Morrisons sell a bag of onions for 49p and a bag of carrots for 49p.

      I’m not sure about the other supermarkets because I haven’t investigated yet! But they all seem to have identikit value ranges.

  7. What have you done with the other 90% of the red wine? At about £3. You’re certainly not living on a tenner a week when you’re spending 35% of that money on a bottle of red wine.

    • Hi Chris,

      I bought the wine with ‘leftover’ money from my budget – I throw change into a pot when there is any, and use it for things like wine, spices etc. The red wine in question is sitting under my sink, and I’ll use it for something else in the future. (The same way as I don’t use a bag of rice in a week – I keep the remains in my cupboard and don’t have to buy more til it runs out).

      I’m not suggesting that everyone lives a carbon copy of my life, I’m just describing what *I* did.

      And yes, I do live on a tenner a week. It’s just been such a long term thing that occasionally I can ‘splash out’ on some wine to cook with, or a pot of garam masala.


  8. Great idea to chuck leftover pennies and other coins into a tin. They soon mount up and can be used for occasional treats. Important to have treats. This sounds delicious but I’m not taking any chances on soaking beans! I’ve heard of chocolate in chilli before. Also worth checking out reduced counters just before a supermarket closes if you can be arsed! The bargains my dear can be stunning!

  9. Well said Jack. I think that your blog is truely inspiring. We’ll all take something different from your blog. Your courage and stoicism when times must have been very desperate and your more considered attitude to food, stuff and belongings. The important thing is that you have got people THINKING and TALKING about really important issues.

  10. Pretty astounding that you live such a frugal life with little wasteful spending and you are jumped on for daring to treat yourself with £3 on a bottle of red wine. How dare you ever spend more than £10 a week on your food shopping.

    Going to try this recipe with mince (I can’t do without protein) but in the spirit of things I will use the mince sparingly.

    • There’s plenty of protein in the beans!
      If you need to do protein cheap it’s better (imo) to get it from beans and pulses etc. than from cheap meat. If you’re using beef I find lean mince is better as the budget stuff often gives up a bit too much fat and makes it all taste a bit funny.
      Sneaky not-quite-veg-but-no-mince trick: chuck a beef stock cube or two in.

  11. So, I made this last night and boy was it good! We all loved it, so thanks 🙂

  12. Does anyone have any tips for getting my dried beans to have, um, less bite? I soaked ours for 8 – 10 hours and cooked as per instructions and they were still a bit too crunchy for my liking. This is an awesome recipe and will be repeated here and I *will* get those beans softer. Thank you yet again Jack. Amazed you manage to keep so calm in response to the trolls.

    • As well as the salt – never add it to any pulses until fully cooked, and goes for stock cubes too. Also try to buy dried pulses from somewhere that sells a lot. Old dried beans don’t go “off” but you can boil them till the end of time and they won’t soften.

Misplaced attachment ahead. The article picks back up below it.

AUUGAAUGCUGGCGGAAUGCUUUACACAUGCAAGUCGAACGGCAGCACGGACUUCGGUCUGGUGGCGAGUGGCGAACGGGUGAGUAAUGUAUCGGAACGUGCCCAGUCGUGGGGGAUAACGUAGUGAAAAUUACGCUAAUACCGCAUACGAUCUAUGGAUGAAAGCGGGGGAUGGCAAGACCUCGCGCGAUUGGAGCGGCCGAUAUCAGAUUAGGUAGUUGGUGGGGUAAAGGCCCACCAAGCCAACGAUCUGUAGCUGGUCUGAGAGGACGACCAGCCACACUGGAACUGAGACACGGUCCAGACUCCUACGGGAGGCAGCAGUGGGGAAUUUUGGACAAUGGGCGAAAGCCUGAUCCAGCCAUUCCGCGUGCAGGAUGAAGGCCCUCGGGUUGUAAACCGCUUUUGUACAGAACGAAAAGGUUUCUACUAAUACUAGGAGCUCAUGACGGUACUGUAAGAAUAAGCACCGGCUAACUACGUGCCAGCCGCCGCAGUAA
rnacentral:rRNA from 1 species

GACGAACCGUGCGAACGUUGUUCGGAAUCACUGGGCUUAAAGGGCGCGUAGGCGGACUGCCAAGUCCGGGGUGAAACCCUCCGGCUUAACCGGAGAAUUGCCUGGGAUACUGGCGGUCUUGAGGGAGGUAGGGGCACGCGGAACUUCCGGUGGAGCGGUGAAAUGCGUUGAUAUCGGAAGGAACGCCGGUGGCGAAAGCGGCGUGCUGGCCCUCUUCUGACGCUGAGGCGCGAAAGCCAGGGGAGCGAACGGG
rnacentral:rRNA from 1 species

13. I’m also shocked at the way people basically straight-up call you a liar over the fact that you have, once in a blue moon, spent three whole pounds on a bottle of wine. I don’t understand why people are so hell-bent on tripping each other up. I love the recipe; thank you for sharing it.

  14. I had a frugal chilli yesterday. Tin of toms, tin of kidney beans, reduced tin of mince, a few spices and dried chilli flakes. Worked out at about 75p per serving. I thought I did well, but you’ve blown me out of the water!

  15. Excellent recipe, Jack. I’ve never added chocolate to chilli before – thanks for the idea..

    I’ve been veggie for 35 years and always prepare my red beans by boiling without salt for 10 minutes then simmering for 45 to 60 minutes; they’re never crunchy.

  16. I think I’m being blind, but does this recipe need kidney beans? You mention them in the bit before, but they’re not in the ingredients list 🙂

    Very excited to try this and to persuade my husband that a chilli doesn’t have to have meat!

  17. I just used this recipe in quesidillas for my children. Made up a dough using some plain flour, a pinch of salt and water, which I rolled out and fried in a hot, non stick pan to make tortillas. Then mashed up some chilli, spread on one tortilla, a sprinkling of cheddar cheese, topped with a second tortilla and placed back in the pan until cheese melted.

    Delicious. Kids didn’t touch them, mind

  18. I came across your blog after hearing about it on the BBC Radio 4 Food Programme. Thanks for the recipe ideas and this chilli sounds great. I’ve stayed away from using dried beans in the past but I’ll give them a go now you’ve explained a little more about using them – I know you’ve talked a bit about Jamie O on this blog and it was one of his recipes which put me off dried beans, well, dried chickpeas certainly!